MEIGS COUNTY, Ohio – Consider this scenario: It’s 2 o’clock in the morning. You and your family are fast asleep when you awaken to the smoke alarm sounding and the smell of smoke. What do you do? If you and your family don’t have a plan in place, it could jeopardize your safety, or even prove deadly.
In a typical home fire, you may have as little as one to two minutes to escape safely from the time the smoke alarm sounds. That’s why home escape planning is so critical in a fire situation. It ensures that everyone in the household knows how to use that small window of time wisely. Being prepared is the key in time of emergency. It can also be worth consulting with a fire safety professional, both in the home setting and if you’re running a business. This way a proper plan can be constructed in case of fire and hazards that may not have been thought of can be brought to mind. But what about in the educational space?
This year’s Fire Prevention Week theme, “Every Second Counts: Plan 2 Ways Out!” works to better educate the public about the critical importance of developing a home escape plan and practicing it. Fire departments across Meigs County are working in coordination with the National Fire Protection Association (NFPA), the official sponsor of the Fire Prevention Week for more than 90 years, to reinforce those potentially life-saving messages. Fire Prevention Week is October 8-14, 2017. Locally, firefighters will be visiting schools in the county to spread the word about fire safety, prevention and preparation. If you were someone that wasn’t able to attend this event, don’t feel like you have missed your chance to find out about how to prevent situations like a fire. Thanks to the internet, even if you do a quick search into something as simple as Jim’s Fire Safety Services, you’ll be able to speak to professionals, who can give you the advice you need to stay safe wherever you are. Your safety should be a priority.
“Home escape planning is one of the most basic but fundamental elements of home fire safety, and can truly make the difference between life and death in a fire situation,” said Lorraine Carli, NFPA’s vice president of Outreach and Advocacy.
A home escape plan includes working smoke alarms on every level of the home, in every bedroom, and near all sleeping areas. It also includes two ways out of every room, usually a door and a window, with a clear path to an outside meeting place (like a tree, light pole, or mailbox) that’s a safe distance from the home. Some people also chose to install lights that will come on if the fire causes the power to go out so that they can safely find their exits. These should be maintained and undergo inspections, like the Emergency Light Testing London has to offer, to ensure they will work in an emergency.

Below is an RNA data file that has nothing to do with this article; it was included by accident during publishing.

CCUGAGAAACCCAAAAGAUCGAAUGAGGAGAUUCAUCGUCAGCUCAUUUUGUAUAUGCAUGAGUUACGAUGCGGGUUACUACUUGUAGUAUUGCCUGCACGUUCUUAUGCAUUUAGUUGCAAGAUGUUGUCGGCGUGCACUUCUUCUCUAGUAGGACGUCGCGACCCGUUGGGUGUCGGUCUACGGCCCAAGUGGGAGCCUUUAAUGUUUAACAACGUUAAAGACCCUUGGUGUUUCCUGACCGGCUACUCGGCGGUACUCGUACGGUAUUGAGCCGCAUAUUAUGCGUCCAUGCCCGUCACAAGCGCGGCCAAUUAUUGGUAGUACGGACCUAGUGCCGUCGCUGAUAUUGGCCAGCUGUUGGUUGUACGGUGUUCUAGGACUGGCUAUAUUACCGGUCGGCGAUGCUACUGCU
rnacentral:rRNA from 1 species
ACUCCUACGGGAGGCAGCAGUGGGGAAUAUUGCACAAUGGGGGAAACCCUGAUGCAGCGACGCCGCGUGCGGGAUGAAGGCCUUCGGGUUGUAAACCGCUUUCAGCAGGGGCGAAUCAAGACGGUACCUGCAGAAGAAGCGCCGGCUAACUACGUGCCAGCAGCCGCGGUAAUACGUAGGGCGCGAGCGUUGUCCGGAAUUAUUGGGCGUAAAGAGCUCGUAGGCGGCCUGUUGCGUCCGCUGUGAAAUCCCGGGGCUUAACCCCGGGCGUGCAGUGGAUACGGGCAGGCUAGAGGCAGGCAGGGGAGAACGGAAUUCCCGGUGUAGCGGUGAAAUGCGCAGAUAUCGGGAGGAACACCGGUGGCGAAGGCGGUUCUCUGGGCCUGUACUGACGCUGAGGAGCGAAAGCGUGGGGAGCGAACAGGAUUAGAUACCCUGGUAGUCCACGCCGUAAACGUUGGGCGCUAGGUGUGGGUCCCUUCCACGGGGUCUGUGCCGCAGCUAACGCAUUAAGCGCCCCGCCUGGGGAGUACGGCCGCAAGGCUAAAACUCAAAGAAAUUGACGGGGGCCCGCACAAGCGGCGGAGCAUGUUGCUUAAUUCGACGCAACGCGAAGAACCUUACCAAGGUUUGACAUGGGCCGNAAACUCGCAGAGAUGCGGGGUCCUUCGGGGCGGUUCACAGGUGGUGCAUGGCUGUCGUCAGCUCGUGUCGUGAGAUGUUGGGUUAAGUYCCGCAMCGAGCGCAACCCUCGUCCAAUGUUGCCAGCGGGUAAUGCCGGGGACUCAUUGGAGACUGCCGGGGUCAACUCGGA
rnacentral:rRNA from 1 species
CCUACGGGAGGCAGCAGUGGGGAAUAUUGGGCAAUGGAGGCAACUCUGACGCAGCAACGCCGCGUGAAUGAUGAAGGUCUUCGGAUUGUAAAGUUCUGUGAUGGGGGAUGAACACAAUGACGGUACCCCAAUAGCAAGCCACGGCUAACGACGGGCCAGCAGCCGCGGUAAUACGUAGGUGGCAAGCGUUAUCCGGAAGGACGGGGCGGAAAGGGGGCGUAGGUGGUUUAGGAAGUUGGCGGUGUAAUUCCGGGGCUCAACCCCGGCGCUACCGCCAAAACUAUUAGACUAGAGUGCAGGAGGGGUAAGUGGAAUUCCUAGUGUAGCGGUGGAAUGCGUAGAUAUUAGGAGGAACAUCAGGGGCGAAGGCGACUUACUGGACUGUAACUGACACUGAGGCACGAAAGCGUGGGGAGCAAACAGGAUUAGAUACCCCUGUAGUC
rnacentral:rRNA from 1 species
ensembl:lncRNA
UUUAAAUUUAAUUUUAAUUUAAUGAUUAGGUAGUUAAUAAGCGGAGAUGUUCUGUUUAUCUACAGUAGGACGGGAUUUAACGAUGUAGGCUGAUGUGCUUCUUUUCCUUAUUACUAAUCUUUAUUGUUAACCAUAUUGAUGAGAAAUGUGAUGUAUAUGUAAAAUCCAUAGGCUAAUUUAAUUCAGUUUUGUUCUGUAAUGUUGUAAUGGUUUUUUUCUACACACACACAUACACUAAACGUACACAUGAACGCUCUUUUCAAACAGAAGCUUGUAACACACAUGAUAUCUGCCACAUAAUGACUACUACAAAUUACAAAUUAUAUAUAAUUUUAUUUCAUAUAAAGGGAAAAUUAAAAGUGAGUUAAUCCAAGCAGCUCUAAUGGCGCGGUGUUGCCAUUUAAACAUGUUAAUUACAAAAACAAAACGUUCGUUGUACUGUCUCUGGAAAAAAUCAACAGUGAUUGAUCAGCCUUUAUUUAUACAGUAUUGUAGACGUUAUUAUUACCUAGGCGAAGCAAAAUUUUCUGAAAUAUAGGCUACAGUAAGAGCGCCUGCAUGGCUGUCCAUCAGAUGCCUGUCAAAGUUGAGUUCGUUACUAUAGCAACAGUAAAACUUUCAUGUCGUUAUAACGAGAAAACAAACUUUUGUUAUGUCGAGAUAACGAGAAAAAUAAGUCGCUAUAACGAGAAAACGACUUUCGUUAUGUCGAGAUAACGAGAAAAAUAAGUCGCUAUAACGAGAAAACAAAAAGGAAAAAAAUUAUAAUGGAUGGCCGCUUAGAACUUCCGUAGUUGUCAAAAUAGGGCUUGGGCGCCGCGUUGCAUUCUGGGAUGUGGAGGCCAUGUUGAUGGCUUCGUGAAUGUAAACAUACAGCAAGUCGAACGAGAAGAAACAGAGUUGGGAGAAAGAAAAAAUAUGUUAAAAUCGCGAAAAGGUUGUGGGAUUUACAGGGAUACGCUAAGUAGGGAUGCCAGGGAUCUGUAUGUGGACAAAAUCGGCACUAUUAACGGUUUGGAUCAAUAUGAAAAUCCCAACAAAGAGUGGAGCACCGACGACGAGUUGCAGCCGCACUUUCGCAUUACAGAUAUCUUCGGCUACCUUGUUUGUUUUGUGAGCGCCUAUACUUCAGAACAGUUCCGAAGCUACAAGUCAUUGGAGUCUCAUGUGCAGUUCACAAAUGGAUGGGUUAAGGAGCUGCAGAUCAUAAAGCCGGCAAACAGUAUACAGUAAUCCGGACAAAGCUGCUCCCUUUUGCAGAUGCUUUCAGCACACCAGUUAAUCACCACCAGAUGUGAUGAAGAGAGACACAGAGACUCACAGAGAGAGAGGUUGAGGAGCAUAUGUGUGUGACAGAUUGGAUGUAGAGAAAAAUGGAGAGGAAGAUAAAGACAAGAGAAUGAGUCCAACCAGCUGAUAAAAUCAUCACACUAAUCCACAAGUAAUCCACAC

NFPA and area fire departments offer these additional tips and recommendations for developing and practicing a home escape plan:
- Draw a map of your home with all members of your household, marking two exits from each room and a path to the outside from each exit.
- Practice your home fire drill twice a year. Conduct one at night and one during the day with everyone in your home, and practice using different ways out.
- Teach children how to escape on their own in case you can’t help them.
- Make sure the number of your home is clearly marked and easy for the fire department to find.
- Close doors behind you as you leave – this may slow the spread of smoke, heat, and fire.
- Once you get outside, stay outside. Never go back inside a burning building.
If you’re a business looking for some fire safety tips, you can also follow the above points. Another safety measure to be aware of is the fire exit door, you must ensure this can be opened properly and is operating at all times, if you know your fire exit door isn’t operating properly you can look into a Commercial door repair sacramento business, or a more local service depending on the area you live in. This is just one of the many precautions to take in the case of a fire.
To learn more about this year’s Fire Prevention Week campaign, “Every Second Counts: Plan 2 Ways Out” and home escape planning, visit firepreventionweek.org.